Over the last couple of years I've shared with you some odd indicators that folks like me track to get a handle on where the economy is going. I've posted links to US auto searches in google, railroad traffic figures, and even thrown out the old Coppock Turn Indicator. Some of these items are worthy to keep around and some....not so much.
I saw a post from a Bloomberg contributor the other day and wanted to share his chart with you because it took me back to my old high-yield trading days when you could actually get a decent yield on bonds and people actually demanded appropriate interest payments for the risk they were taking by lending to companies.
One industry that I owned a ton of bonds in the portfolio I traded was in the waste industry. Waste companies often have assets (leases or ownership of land) and some trucks and machinery. This was just the type of asset intensive company we liked. In my research of these waste companies like Allied Waste and Waste Management I discovered that these firms also are almost 100% correlated to the economy. In other words, if the economy is expanding, waste companies are growing. If the trash companies are suffering, it is probably due to a recession and slowdown.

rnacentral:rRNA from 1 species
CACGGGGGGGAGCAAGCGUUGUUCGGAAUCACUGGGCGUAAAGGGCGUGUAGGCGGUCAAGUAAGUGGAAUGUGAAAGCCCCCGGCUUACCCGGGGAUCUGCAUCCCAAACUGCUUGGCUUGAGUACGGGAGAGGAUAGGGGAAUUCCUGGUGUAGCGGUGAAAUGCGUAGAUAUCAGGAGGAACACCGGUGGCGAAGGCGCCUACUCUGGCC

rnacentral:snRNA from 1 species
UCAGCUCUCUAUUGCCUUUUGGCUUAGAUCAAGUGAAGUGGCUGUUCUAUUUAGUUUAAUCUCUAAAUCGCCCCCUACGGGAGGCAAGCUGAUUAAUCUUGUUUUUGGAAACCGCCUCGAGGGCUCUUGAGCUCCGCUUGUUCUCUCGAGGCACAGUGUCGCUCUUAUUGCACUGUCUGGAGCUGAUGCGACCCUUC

WASTE CARLOADS AND GDP - SLOWDOWN HERE WE COME
I have placed a link here for Michael McDonough's twitter page. It appears that Michael is now working in Hong Kong, but had posted this chart regarding US GDP and carloads of waste here in the US. The relationship is striking and it seems that it hasn't weakened since I was researching these companies way back in the early 2000's.
The takeaway here is simply that US carloads of trash have been falling and are still falling and if we have less trash it seems a sound argument to suggest we are making and consuming less stuff. This is not an indicator that shows that our nation is recovering and ready to move forward, it suggests just the opposite that production is falling and we are probably still heading toward a recession.
Finally, if you wanted to drink from the fire hydrant of economic information I've included another link to the Bloomberg Brief dated 7/25/12 which is SO full of information about the global economy. There is a section on page 10 about the Fed and if they are out of bullets which is interesting, unfortunately they don't give any conclusive answers, simply relaying what both sides of the issue think. Enjoy.